Jiffy cornbread mix corn pudding + muffins + waffles.
Although I love the South deeply, I'm a California girl. While I absolutely did grow up eating Jiffy cornbread mix, I had never encountered this unbelievable, everybody knows and loves it down here, totally classic Southern food staple until I moved to New Orleans. My landlords/friends/surrogate family make it at holiday meals and traditional dinners, and every time I ate it I was like !!!!!! Whenever I asked about it they responded with agreement, the statement expressed in a tenor of this old thing? but still in a tone of passionate affirmation of Jiffy corn pudding's totally insane deliciousness. I think, now that I have made and eaten it many times, that this dish could easily be put in the same category as pigs in blankets: totally scrumptious guilty pleasure food that is so simple to make it's almost criminal, but doesn't keep that well for very long after you make it.
Jiffy cornbread mix is one of those things like Ritz crackers, and marshmallow fluff, that are essentially American, and basically won't be found in other countries. Maybe I'll reverse engineer this recipe for my sister, who lives in Paris, and has 2 French step-children completely obsessed with Southern style barbecue - I'm certain they would love this dish, but for the rest of you, try this recipe if you want some high calorie, low technology, baking for idiots style food. This is classic American comfort food, and best of all, if you like it you can stock up on most of the ingredients, so to make it in a minute all you'll really need that you may not already have is some sour cream.
Jiffy corn pudding is super moist, really really buttery, sweet, but also savory, and it's damn good. It also takes additions very nicely, and with a little patience, the leftovers turn into really delicious waffles that are equally good with syrup or gravy - yes, I've tried them both ways. If you make some corn pudding, and you're lucky enough to have leftovers, for at least a couple of days after you'll have breakfast for dinner (or just breakfast), or a really good waffle side that would be as at home with soup as it would be topped with pimento cheese, or in place of potatoes with whatever meat or eggs you're getting into. If you have little ones who are just learning to cook, they could very easily master this - Jiffy cornbread mix muffins were in my childhood cooking arsenal, and turning Jiffy cornbread mix into corn pudding is almost as easy as just making the muffins. Read on, and you'll see.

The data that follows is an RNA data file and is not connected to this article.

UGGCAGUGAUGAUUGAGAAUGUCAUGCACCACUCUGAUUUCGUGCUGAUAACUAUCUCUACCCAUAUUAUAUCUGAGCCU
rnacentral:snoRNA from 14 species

- 1 (15 oz.) can corn, drained
- 1 (15 oz.) can creamed corn
- 1 stick of butter
- 8 ounces sour cream
- 1 box Jiffy cornbread mix
- Optional: additional mix ins such as green chile, chunks of cheese, blueberries, or roasted nuts.
preheat oven to 350 degrees
- Melt the butter. Brush or wipe down the sides of your pan with some of it. Optionally, you can spray the pan with cooking oil.
- Mix well. Add both cans of corn to the melted butter and stir together.
- Combine with sour cream. Add your mix ins after the sour cream, if using.
- Add in Jiffy mix. Sprinkle the cornbread mix over the wet ingredients, breaking up any clumps as you go. Mix together until fully incorporated. Pour into a 9 inch loaf or similarly sized casserole or pan. If making muffin sized puddings you can use liners, but cooking spray works just as well and gives you more crispy outside skin (yum).
- Bake 45 minutes or until puffy and golden brown.
- The corn pudding will come out of the oven fluffy and domed. As it cools, it will deflate. That's normal. In my photos the blue casserole is fairly fresh out of the oven, and the white glass casserole and muffins are fully cooled.
- My blue casserole is pretty small, so I filled it and then used the extra for the muffins. If making muffins, fill the cups 3/4 full. They rise, but excessively. In fact, don't fill whatever pan you are using to full, or you'll have a mess on your hands. This pudding rises about as much as a quickbread, which is to say, not that much, but still, some. If you're concerned, just put a cookie sheet under your dish to catch any dribbles.
- Any optional additions to this recipe are welcome, and in my brief experience, work pretty well. For the baby blue casserole and the muffins I added green chile and cheese. I sprinkled the tops of the muffins with more cheese. I used about a cup of cheese and 1/2 cup of green chile. My cheese was grated, but I think chopped chunks would've made more impact. If using fruit, something like blueberries, which will hold in most of their moisture will probably work a little better than a really wet fruit. I'm only guessing though. Let me know what you find out.
- My guess is that this recipe would probably still work with a bit less sour cream and butter. Reduce for lower caloric impact if you dare.
- If you'd like to waffle your leftovers: cut around the perimeter of the leftover pudding and pop it out of the pan in one piece. While it's cold, slice thinly. Preheat your waffle iron to high heat. Because there is so much butter in the pudding, you do not need to butter or oil the iron first. Because there is a lot of moisture in the pudding it will sizzle and let off a lot of steam for a few minutes after you close the lid. You are going to need to be patient and really let these guys cook for a while before they will dry out and form a crunchy-ish skin, or you wont be able to lift them out. Using a wooden utensil, like a chopstick or a fat skewer, gently pry them up onto a spatula to remove from the waffle iron without breaking. As they cool they hold their shape a but better. Cover in whatever sauce you like and go crazy.